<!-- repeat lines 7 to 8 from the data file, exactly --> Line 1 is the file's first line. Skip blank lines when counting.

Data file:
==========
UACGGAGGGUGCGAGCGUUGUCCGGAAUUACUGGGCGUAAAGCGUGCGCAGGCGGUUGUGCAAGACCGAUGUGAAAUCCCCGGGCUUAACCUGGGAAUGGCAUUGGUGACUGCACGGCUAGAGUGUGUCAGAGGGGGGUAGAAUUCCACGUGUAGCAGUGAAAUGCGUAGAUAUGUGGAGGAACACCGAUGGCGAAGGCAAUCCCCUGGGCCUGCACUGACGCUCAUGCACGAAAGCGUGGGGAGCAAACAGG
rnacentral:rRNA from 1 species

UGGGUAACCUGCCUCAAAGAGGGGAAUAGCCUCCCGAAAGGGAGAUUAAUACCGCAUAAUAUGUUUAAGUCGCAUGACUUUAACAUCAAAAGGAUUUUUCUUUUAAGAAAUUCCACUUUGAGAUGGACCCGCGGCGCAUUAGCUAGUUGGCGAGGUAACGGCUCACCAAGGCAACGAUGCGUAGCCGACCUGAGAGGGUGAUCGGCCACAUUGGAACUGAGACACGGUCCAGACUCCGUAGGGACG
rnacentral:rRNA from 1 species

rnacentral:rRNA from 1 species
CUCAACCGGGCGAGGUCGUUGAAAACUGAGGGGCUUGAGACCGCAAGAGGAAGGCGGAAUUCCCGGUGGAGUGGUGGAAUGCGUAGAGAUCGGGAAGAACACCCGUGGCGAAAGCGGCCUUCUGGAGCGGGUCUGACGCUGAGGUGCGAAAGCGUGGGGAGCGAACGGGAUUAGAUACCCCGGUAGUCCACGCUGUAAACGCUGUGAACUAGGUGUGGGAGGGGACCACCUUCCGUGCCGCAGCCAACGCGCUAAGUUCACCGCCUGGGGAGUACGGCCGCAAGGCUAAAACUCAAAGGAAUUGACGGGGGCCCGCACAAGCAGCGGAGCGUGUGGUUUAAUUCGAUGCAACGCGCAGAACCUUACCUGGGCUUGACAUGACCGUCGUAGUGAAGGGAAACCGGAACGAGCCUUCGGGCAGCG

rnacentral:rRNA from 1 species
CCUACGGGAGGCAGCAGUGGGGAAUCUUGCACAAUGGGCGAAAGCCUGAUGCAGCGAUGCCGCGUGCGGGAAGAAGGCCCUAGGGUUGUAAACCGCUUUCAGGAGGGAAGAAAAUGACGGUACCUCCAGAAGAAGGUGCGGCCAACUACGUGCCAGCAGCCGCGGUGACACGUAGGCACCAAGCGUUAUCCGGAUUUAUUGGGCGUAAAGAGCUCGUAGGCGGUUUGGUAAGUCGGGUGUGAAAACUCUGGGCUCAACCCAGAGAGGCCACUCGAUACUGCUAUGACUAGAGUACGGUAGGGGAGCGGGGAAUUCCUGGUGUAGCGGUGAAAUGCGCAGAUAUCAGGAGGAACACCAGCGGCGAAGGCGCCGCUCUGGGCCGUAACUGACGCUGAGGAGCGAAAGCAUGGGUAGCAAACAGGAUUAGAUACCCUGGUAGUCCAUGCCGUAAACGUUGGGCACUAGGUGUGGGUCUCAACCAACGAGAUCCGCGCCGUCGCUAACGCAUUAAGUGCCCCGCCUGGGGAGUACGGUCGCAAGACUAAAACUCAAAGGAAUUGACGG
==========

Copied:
rnacentral:rRNA from 1 species
CCUACGGGAGGCAGCAGUGGGGAAUCUUGCACAAUGGGCGAAAGCCUGAUGCAGCGAUGCCGCGUGCGGGAAGAAGGCCCUAGGGUUGUAAACCGCUUUCAGGAGGGAAGAAAAUGACGGUACCUCCAGAAGAAGGUGCGGCCAACUACGUGCCAGCAGCCGCGGUGACACGUAGGCACCAAGCGUUAUCCGGAUUUAUUGGGCGUAAAGAGCUCGUAGGCGGUUUGGUAAGUCGGGUGUGAAAACUCUGGGCUCAACCCAGAGAGGCCACUCGAUACUGCUAUGACUAGAGUACGGUAGGGGAGCGGGGAAUUCCUGGUGUAGCGGUGAAAUGCGCAGAUAUCAGGAGGAACACCAGCGGCGAAGGCGCCGCUCUGGGCCGUAACUGACGCUGAGGAGCGAAAGCAUGGGUAGCAAACAGGAUUAGAUACCCUGGUAGUCCAUGCCGUAAACGUUGGGCACUAGGUGUGGGUCUCAACCAACGAGAUCCGCGCCGUCGCUAACGCAUUAAGUGCCCCGCCUGGGGAGUACGGUCGCAAGACUAAAACUCAAAGGAAUUGACGG